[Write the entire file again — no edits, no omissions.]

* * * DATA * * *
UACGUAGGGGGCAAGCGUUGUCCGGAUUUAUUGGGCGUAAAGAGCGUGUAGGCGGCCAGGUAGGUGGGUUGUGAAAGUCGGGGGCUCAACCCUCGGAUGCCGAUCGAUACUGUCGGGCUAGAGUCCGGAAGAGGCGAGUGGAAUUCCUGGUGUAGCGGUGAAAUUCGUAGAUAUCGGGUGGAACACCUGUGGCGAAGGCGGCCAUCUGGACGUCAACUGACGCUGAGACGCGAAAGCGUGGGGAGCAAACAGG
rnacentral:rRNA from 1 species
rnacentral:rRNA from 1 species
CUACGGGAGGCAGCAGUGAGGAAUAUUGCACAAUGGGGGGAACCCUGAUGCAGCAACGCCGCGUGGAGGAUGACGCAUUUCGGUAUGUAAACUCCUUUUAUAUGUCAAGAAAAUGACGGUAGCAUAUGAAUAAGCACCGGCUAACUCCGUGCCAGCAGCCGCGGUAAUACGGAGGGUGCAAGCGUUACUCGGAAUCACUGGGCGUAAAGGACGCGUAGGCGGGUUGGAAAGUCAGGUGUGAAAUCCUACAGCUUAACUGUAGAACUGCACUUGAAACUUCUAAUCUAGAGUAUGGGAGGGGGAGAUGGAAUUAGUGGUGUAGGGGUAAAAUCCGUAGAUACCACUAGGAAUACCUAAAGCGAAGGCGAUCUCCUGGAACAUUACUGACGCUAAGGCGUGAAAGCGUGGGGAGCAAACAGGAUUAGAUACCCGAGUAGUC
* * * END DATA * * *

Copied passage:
UACGUAGGGGGCAAGCGUUGUCCGGAUUUAUUGGGCGUAAAGAGCGUGUAGGCGGCCAGGUAGGUGGGUUGUGAAAGUCGGGGGCUCAACCCUCGGAUGCCGAUCGAUACUGUCGGGCUAGAGUCCGGAAGAGGCGAGUGGAAUUCCUGGUGUAGCGGUGAAAUUCGUAGAUAUCGGGUGGAACACCUGUGGCGAAGGCGGCCAUCUGGACGUCAACUGACGCUGAGACGCGAAAGCGUGGGGAGCAAACAGG
rnacentral:rRNA from 1 species
rnacentral:rRNA from 1 species
CUACGGGAGGCAGCAGUGAGGAAUAUUGCACAAUGGGGGGAACCCUGAUGCAGCAACGCCGCGUGGAGGAUGACGCAUUUCGGUAUGUAAACUCCUUUUAUAUGUCAAGAAAAUGACGGUAGCAUAUGAAUAAGCACCGGCUAACUCCGUGCCAGCAGCCGCGGUAAUACGGAGGGUGCAAGCGUUACUCGGAAUCACUGGGCGUAAAGGACGCGUAGGCGGGUUGGAAAGUCAGGUGUGAAAUCCUACAGCUUAACUGUAGAACUGCACUUGAAACUUCUAAUCUAGAGUAUGGGAGGGGGAGAUGGAAUUAGUGGUGUAGGGGUAAAAUCCGUAGAUACCACUAGGAAUACCUAAAGCGAAGGCGAUCUCCUGGAACAUUACUGACGCUAAGGCGUGAAAGCGUGGGGAGCAAACAGGAUUAGAUACCCGAGUAGUC